Abby and Ray are the doomed lovers at the epicenter of forces beyond their comprehension. Through dramatic irony, the characters are unaware of the true powers manipulating them; the audience watches them squirm like insects beneath a lifted rock. Abby is married to Marty, who owns the bar where Ray works. Marty is a control freak and, perhaps, mentally ill (at least according to Abby’s version of the events, before she and Ray hop in the sack). Marty hires a PI to tail them (the original private detective in a Volkswagen Beetle) and, when he learns of their adulterous affair, he hires the investigator to kill them. The PI eventually betrays him and Marty winds up buried in a shallow grave. The whole movie leads up to a final shoot-out that is essentially an excuse for some gory effects and a bit of snazzy cinematography, involving streams of light cascading through bullet holes (film school!). I’m uncertain what was more painful to watch: the grisly footage of M. Emmet Walsh's bloody hand impaled by a twisting knife or a photo of a shirtless Dan Hedaya. The Coens did leave out one important detail, though: any sincere reason to care about these characters or their fates. They are mostly tired archetypes with little or no backstory, the script is more half-baked than hard-boiled, the plot is unoriginal, and the movie has no real depth—but the damn derivative thing still works.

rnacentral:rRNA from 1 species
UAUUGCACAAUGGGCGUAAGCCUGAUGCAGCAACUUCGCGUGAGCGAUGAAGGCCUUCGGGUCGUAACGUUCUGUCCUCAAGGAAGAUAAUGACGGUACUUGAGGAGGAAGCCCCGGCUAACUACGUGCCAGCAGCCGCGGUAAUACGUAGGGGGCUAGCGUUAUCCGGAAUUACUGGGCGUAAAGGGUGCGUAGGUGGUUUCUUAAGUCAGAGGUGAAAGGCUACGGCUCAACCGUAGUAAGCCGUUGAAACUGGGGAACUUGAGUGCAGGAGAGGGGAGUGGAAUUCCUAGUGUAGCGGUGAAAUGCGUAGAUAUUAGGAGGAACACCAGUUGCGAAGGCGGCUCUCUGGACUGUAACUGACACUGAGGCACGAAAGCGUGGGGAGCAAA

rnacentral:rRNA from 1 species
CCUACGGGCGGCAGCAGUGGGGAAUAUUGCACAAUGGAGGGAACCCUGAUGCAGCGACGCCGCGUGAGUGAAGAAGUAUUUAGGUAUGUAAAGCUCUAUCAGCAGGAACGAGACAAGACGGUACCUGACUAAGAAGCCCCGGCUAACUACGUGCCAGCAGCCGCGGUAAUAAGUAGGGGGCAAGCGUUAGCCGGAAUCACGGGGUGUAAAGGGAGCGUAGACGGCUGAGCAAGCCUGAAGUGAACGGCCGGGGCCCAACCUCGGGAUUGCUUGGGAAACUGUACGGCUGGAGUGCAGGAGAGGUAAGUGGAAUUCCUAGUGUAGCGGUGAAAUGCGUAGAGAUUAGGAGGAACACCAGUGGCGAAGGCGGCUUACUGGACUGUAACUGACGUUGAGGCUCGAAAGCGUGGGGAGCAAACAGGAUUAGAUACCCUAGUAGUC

The Coens’ oddball sensibility shatters the somber tone of standard noir by undercutting the movie’s dramatic tension with shades of irreverent humor. The overly-stylized world onscreen, with its stark shadows and barren landscapes, is just a tad askew. Something is slightly off-kilter in this simulation of Texas with its oil wells, cowboy hats, good ol' boys, affected Southern drawls, and honkytonks with ridiculous names like Neon Boots. Yosemite Sam might as well make an appearance. There are also more than a few self-conscious sight gags, like the moment when the camera glides across a bar at a road house, lifts itself over a passed out drunk, and then resumes its original level before proceeding further, calling attention to itself as a blatant cinematic device. After a knee to the groin, Marty’s vomit is spewed directly at the camera. The shaky-cam Joel Coen helped operate on Sam Raimi’s The Evil Dead makes a guest appearance during a fight sequence.